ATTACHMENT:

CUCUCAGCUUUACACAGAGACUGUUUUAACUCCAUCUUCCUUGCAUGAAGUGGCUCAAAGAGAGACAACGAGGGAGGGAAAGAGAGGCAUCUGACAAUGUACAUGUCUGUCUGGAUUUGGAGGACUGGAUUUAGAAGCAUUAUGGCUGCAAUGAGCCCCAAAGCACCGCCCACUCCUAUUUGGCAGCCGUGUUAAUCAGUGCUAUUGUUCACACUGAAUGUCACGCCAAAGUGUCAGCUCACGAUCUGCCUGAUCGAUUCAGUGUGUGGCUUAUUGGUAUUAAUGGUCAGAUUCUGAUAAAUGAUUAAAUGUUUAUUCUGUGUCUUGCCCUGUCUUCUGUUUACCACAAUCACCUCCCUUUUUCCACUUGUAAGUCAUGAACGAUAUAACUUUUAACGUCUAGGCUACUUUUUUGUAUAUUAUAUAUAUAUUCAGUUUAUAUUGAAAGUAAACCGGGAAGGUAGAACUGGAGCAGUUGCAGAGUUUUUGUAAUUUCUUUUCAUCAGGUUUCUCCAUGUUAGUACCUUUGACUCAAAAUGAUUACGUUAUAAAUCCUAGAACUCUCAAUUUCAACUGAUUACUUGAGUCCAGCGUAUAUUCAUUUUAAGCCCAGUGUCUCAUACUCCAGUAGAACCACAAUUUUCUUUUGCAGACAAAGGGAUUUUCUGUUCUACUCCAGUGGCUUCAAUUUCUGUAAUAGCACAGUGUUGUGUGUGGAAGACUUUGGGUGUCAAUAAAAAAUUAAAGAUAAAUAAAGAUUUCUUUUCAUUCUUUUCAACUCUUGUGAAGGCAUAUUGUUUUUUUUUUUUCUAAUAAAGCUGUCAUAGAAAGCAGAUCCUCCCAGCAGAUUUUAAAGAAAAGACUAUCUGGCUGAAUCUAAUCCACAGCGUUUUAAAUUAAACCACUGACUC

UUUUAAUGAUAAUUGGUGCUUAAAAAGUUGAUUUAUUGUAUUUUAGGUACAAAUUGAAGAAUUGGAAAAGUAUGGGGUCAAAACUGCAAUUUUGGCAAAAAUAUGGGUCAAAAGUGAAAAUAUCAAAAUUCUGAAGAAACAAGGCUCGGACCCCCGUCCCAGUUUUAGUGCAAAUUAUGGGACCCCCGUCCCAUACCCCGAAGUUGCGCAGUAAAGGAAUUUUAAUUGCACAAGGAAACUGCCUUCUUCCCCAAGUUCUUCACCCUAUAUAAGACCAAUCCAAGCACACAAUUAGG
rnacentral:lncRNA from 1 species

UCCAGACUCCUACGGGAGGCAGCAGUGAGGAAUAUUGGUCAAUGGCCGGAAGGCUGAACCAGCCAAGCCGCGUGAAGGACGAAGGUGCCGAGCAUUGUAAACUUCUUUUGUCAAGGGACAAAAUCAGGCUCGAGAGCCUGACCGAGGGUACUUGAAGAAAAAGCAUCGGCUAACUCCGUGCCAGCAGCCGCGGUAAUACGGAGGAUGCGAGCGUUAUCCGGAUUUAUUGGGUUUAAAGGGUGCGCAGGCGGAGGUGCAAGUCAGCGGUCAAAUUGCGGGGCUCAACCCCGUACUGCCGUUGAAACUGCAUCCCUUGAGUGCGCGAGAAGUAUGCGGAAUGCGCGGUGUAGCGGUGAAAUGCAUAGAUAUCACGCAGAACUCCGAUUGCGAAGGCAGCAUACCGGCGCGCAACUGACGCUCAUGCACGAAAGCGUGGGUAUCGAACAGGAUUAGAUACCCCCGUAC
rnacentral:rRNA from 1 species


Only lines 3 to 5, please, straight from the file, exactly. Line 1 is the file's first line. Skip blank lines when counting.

rnacentral:lncRNA from 1 species

UCCAGACUCCUACGGGAGGCAGCAGUGAGGAAUAUUGGUCAAUGGCCGGAAGGCUGAACCAGCCAAGCCGCGUGAAGGACGAAGGUGCCGAGCAUUGUAAACUUCUUUUGUCAAGGGACAAAAUCAGGCUCGAGAGCCUGACCGAGGGUACUUGAAGAAAAAGCAUCGGCUAACUCCGUGCCAGCAGCCGCGGUAAUACGGAGGAUGCGAGCGUUAUCCGGAUUUAUUGGGUUUAAAGGGUGCGCAGGCGGAGGUGCAAGUCAGCGGUCAAAUUGCGGGGCUCAACCCCGUACUGCCGUUGAAACUGCAUCCCUUGAGUGCGCGAGAAGUAUGCGGAAUGCGCGGUGUAGCGGUGAAAUGCAUAGAUAUCACGCAGAACUCCGAUUGCGAAGGCAGCAUACCGGCGCGCAACUGACGCUCAUGCACGAAAGCGUGGGUAUCGAACAGGAUUAGAUACCCCCGUAC
rnacentral:rRNA from 1 species